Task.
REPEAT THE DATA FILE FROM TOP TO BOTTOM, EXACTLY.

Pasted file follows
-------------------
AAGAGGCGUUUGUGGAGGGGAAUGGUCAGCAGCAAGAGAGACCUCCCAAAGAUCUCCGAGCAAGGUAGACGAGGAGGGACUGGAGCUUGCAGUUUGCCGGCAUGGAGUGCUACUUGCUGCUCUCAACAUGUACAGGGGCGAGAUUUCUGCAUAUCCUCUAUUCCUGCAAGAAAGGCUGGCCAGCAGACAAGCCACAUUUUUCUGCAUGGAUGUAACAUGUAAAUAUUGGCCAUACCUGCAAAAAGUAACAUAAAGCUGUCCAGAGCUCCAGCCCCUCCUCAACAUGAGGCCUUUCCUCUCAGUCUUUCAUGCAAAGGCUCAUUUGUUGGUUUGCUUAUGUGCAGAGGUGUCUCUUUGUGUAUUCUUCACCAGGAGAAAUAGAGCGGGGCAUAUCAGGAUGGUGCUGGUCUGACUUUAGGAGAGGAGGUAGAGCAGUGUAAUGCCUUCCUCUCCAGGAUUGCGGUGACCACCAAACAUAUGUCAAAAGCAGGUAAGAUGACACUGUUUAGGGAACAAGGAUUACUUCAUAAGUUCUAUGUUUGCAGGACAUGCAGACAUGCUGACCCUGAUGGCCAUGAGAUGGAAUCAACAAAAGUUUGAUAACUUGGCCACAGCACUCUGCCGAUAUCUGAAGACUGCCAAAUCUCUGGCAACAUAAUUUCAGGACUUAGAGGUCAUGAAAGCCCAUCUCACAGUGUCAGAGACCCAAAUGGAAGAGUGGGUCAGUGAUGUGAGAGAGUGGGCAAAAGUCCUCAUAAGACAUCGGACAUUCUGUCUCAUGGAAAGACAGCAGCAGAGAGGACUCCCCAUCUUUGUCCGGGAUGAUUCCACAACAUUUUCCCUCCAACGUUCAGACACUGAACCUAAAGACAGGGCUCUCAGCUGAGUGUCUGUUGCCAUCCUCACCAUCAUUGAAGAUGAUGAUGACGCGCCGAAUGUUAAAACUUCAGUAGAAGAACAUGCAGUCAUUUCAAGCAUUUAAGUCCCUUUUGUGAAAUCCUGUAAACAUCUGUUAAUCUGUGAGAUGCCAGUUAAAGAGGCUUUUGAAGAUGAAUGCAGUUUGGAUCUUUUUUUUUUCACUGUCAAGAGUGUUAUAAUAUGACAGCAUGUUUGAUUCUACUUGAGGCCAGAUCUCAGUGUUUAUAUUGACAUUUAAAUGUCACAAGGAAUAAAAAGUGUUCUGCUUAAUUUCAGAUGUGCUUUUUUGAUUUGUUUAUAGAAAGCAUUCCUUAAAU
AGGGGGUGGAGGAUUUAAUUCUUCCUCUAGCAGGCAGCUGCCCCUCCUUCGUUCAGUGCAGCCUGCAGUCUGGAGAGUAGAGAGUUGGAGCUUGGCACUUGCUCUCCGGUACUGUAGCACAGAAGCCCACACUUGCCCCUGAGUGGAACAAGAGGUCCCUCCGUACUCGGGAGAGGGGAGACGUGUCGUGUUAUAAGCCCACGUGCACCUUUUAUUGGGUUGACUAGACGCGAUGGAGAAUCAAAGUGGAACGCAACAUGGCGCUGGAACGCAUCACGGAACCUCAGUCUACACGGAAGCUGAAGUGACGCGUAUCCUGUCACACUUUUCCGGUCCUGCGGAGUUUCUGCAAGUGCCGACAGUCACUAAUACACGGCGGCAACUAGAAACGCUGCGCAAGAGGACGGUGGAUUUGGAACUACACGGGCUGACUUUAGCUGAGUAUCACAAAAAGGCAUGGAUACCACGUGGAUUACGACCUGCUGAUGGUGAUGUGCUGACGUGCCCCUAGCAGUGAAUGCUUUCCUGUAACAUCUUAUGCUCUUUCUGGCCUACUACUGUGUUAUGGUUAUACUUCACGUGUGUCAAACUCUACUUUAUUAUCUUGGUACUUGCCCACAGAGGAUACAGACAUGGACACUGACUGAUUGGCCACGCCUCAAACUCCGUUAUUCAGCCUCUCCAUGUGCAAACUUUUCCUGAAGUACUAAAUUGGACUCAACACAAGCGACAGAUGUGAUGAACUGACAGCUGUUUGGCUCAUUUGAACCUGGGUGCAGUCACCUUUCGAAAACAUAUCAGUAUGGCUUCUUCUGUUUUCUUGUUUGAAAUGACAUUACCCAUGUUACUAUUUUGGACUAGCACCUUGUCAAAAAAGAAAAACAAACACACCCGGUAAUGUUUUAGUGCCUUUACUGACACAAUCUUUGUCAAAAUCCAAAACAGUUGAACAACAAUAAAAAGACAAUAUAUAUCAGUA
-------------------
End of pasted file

AAGAGGCGUUUGUGGAGGGGAAUGGUCAGCAGCAAGAGAGACCUCCCAAAGAUCUCCGAGCAAGGUAGACGAGGAGGGACUGGAGCUUGCAGUUUGCCGGCAUGGAGUGCUACUUGCUGCUCUCAACAUGUACAGGGGCGAGAUUUCUGCAUAUCCUCUAUUCCUGCAAGAAAGGCUGGCCAGCAGACAAGCCACAUUUUUCUGCAUGGAUGUAACAUGUAAAUAUUGGCCAUACCUGCAAAAAGUAACAUAAAGCUGUCCAGAGCUCCAGCCCCUCCUCAACAUGAGGCCUUUCCUCUCAGUCUUUCAUGCAAAGGCUCAUUUGUUGGUUUGCUUAUGUGCAGAGGUGUCUCUUUGUGUAUUCUUCACCAGGAGAAAUAGAGCGGGGCAUAUCAGGAUGGUGCUGGUCUGACUUUAGGAGAGGAGGUAGAGCAGUGUAAUGCCUUCCUCUCCAGGAUUGCGGUGACCACCAAACAUAUGUCAAAAGCAGGUAAGAUGACACUGUUUAGGGAACAAGGAUUACUUCAUAAGUUCUAUGUUUGCAGGACAUGCAGACAUGCUGACCCUGAUGGCCAUGAGAUGGAAUCAACAAAAGUUUGAUAACUUGGCCACAGCACUCUGCCGAUAUCUGAAGACUGCCAAAUCUCUGGCAACAUAAUUUCAGGACUUAGAGGUCAUGAAAGCCCAUCUCACAGUGUCAGAGACCCAAAUGGAAGAGUGGGUCAGUGAUGUGAGAGAGUGGGCAAAAGUCCUCAUAAGACAUCGGACAUUCUGUCUCAUGGAAAGACAGCAGCAGAGAGGACUCCCCAUCUUUGUCCGGGAUGAUUCCACAACAUUUUCCCUCCAACGUUCAGACACUGAACCUAAAGACAGGGCUCUCAGCUGAGUGUCUGUUGCCAUCCUCACCAUCAUUGAAGAUGAUGAUGACGCGCCGAAUGUUAAAACUUCAGUAGAAGAACAUGCAGUCAUUUCAAGCAUUUAAGUCCCUUUUGUGAAAUCCUGUAAACAUCUGUUAAUCUGUGAGAUGCCAGUUAAAGAGGCUUUUGAAGAUGAAUGCAGUUUGGAUCUUUUUUUUUUCACUGUCAAGAGUGUUAUAAUAUGACAGCAUGUUUGAUUCUACUUGAGGCCAGAUCUCAGUGUUUAUAUUGACAUUUAAAUGUCACAAGGAAUAAAAAGUGUUCUGCUUAAUUUCAGAUGUGCUUUUUUGAUUUGUUUAUAGAAAGCAUUCCUUAAAU
AGGGGGUGGAGGAUUUAAUUCUUCCUCUAGCAGGCAGCUGCCCCUCCUUCGUUCAGUGCAGCCUGCAGUCUGGAGAGUAGAGAGUUGGAGCUUGGCACUUGCUCUCCGGUACUGUAGCACAGAAGCCCACACUUGCCCCUGAGUGGAACAAGAGGUCCCUCCGUACUCGGGAGAGGGGAGACGUGUCGUGUUAUAAGCCCACGUGCACCUUUUAUUGGGUUGACUAGACGCGAUGGAGAAUCAAAGUGGAACGCAACAUGGCGCUGGAACGCAUCACGGAACCUCAGUCUACACGGAAGCUGAAGUGACGCGUAUCCUGUCACACUUUUCCGGUCCUGCGGAGUUUCUGCAAGUGCCGACAGUCACUAAUACACGGCGGCAACUAGAAACGCUGCGCAAGAGGACGGUGGAUUUGGAACUACACGGGCUGACUUUAGCUGAGUAUCACAAAAAGGCAUGGAUACCACGUGGAUUACGACCUGCUGAUGGUGAUGUGCUGACGUGCCCCUAGCAGUGAAUGCUUUCCUGUAACAUCUUAUGCUCUUUCUGGCCUACUACUGUGUUAUGGUUAUACUUCACGUGUGUCAAACUCUACUUUAUUAUCUUGGUACUUGCCCACAGAGGAUACAGACAUGGACACUGACUGAUUGGCCACGCCUCAAACUCCGUUAUUCAGCCUCUCCAUGUGCAAACUUUUCCUGAAGUACUAAAUUGGACUCAACACAAGCGACAGAUGUGAUGAACUGACAGCUGUUUGGCUCAUUUGAACCUGGGUGCAGUCACCUUUCGAAAACAUAUCAGUAUGGCUUCUUCUGUUUUCUUGUUUGAAAUGACAUUACCCAUGUUACUAUUUUGGACUAGCACCUUGUCAAAAAAGAAAAACAAACACACCCGGUAAUGUUUUAGUGCCUUUACUGACACAAUCUUUGUCAAAAUCCAAAACAGUUGAACAACAAUAAAAAGACAAUAUAUAUCAGUA